"Oh do and sit down in the hall and I'll call Ruth." The hall was very dark; smelled of sleep and toothpaste and massagecream; across one corner a cot still bore the imprint of a body on its rumpled sheets. Straw hats, silk eveningwraps, and a couple of men's dress overcoats hung in a jostling tangle from the staghorns of the hatrack. Jimmy picked a corsetcover off a rockingchair and sat down. Women's voices, a subdued rustling of people dressing, Sunday newspaper noises seeped out through the partitions of the different rooms.

The bathroom door opened; a stream of sunlight reflected out of a pierglass cut the murky hall in half, out of it came a head of hair like copper wire, bluedark eyes in a brittlewhite eggshaped face. Then the hair was brown down the hall above a slim back in a tangerine-colored slip, nonchalant pink heels standing up out of the bathslippers at every step.

"Ou-ou, Jimmee. . ." Ruth was yodling at him from behind her door. "But you mustn't look at me or at my room." A head in curlpapers stuck out like a turtle's.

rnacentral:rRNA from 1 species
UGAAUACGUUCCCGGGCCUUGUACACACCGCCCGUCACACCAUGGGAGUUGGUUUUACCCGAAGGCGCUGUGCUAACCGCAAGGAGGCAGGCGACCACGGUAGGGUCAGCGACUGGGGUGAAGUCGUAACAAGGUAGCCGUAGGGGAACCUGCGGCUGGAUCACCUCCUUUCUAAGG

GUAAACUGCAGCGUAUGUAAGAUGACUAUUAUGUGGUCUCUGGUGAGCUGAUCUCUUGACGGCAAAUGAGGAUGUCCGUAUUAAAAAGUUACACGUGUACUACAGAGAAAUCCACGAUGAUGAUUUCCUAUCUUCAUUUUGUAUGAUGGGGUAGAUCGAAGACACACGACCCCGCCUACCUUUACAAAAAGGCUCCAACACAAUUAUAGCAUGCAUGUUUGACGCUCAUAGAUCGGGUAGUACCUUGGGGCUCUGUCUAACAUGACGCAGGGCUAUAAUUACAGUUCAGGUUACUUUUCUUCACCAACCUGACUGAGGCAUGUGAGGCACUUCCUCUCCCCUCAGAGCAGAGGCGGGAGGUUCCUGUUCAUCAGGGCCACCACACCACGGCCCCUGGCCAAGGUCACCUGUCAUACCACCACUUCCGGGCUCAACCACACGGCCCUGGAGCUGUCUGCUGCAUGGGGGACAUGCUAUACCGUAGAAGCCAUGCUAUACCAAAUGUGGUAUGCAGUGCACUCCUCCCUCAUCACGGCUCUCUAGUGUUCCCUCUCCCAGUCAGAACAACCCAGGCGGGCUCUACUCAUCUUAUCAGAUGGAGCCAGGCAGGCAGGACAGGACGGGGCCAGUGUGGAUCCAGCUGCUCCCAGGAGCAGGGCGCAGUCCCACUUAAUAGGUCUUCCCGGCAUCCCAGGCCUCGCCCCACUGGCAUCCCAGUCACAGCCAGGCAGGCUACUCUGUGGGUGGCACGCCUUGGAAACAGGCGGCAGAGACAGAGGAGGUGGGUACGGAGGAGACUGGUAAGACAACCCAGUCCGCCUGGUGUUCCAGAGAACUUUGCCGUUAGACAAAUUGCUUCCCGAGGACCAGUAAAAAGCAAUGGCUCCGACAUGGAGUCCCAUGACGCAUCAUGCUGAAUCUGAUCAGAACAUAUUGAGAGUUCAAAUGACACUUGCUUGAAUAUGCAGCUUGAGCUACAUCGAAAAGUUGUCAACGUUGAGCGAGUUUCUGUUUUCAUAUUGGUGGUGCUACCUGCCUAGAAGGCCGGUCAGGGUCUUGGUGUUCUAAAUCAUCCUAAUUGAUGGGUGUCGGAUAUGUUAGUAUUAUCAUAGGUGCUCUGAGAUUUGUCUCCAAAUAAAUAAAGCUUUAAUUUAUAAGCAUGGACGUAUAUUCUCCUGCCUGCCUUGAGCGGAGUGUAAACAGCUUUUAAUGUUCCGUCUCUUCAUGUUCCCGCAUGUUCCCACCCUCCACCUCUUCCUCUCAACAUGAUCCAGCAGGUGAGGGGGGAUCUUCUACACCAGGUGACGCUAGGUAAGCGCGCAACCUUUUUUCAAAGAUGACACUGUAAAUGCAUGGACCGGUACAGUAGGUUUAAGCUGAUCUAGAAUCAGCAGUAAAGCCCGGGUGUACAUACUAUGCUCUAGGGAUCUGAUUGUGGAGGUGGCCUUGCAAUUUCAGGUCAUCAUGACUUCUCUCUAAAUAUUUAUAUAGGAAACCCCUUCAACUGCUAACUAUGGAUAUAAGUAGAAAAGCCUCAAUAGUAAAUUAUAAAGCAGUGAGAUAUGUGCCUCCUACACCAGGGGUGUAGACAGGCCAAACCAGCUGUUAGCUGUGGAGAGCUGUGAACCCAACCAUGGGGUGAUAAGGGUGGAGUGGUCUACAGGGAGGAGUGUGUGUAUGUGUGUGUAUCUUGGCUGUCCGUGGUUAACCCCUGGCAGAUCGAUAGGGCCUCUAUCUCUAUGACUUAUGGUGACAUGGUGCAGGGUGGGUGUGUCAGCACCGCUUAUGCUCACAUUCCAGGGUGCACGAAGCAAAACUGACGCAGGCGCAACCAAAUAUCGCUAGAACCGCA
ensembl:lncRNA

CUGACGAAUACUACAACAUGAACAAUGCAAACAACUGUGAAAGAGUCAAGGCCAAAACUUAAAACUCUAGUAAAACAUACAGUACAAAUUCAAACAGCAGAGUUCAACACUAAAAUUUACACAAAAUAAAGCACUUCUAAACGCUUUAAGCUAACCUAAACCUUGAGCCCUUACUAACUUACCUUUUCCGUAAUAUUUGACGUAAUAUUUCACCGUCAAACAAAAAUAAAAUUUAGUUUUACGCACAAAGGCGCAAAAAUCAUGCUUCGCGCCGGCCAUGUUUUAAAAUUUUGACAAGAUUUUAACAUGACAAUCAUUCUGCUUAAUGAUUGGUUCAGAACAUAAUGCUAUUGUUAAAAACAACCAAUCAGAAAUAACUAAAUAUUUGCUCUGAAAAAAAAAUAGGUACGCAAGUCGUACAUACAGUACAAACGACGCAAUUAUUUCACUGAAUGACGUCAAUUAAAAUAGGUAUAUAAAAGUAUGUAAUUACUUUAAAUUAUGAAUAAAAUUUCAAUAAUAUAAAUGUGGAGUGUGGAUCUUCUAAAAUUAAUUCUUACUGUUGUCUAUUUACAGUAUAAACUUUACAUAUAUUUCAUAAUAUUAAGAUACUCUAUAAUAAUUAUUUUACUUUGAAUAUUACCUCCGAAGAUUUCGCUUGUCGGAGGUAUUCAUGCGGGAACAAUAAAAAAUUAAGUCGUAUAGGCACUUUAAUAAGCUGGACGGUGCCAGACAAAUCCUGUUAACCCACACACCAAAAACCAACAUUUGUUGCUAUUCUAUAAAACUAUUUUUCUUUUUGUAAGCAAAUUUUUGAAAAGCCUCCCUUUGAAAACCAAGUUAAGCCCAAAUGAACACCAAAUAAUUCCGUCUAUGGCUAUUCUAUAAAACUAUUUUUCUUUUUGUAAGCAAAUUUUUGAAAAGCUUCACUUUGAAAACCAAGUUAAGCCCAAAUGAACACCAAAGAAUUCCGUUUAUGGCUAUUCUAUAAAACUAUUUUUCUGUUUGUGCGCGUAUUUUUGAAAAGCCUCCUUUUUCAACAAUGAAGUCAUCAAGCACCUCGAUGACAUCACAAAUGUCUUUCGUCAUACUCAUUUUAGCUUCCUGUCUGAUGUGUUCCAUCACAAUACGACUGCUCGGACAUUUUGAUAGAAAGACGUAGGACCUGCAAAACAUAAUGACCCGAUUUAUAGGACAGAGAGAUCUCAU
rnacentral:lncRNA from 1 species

"Hullo Ruth."

"You can come in if you promise not to look. . . . I'm a sight and my room's a pigeon. . . . I've just got to do my hair. Then I'll be ready." The little gray room was stuffed with clothes and photographs of stage people. Jimmy stood with his back to the door, some sort of silky stuff that dangled from the hook tickling his ears.

"Well how's the cub reporter?"

"I'm on Hell's Kitchen. . . . It's swell. Got a job yet Ruth?"

"Um-um. . . . A couple of things may materialize during the week. But they wont. Oh Jimmy I'm getting desperate." She shook her hair loose of the crimpers and combed out the new mousybrown waves. She had a pale startled face with a big mouth and blue underlids. "This morning I knew I ought to be up and ready, but I just couldn't. It's so discouraging to get up when you haven't got a job. . . . Sometimes I think I'll go to bed and just stay there till the end of the world."

"Poor old Ruth."

She threw a powderpuff at him that covered his necktie and the lapels of his blue serge suit with powder. "Dont you poor old me you little rat."

"That's a nice thing to do after all the trouble I took to make myself look respectable. . . . Darn your hide Ruth. And the smell of the carbona not off me yet."

Ruth threw back her head with a shrieking laugh. "Oh you're so comical Jimmy. Try the whisk-broom."

Blushing he blew down his chin at his tie. "Who's the funnylooking girl opened the halldoor?"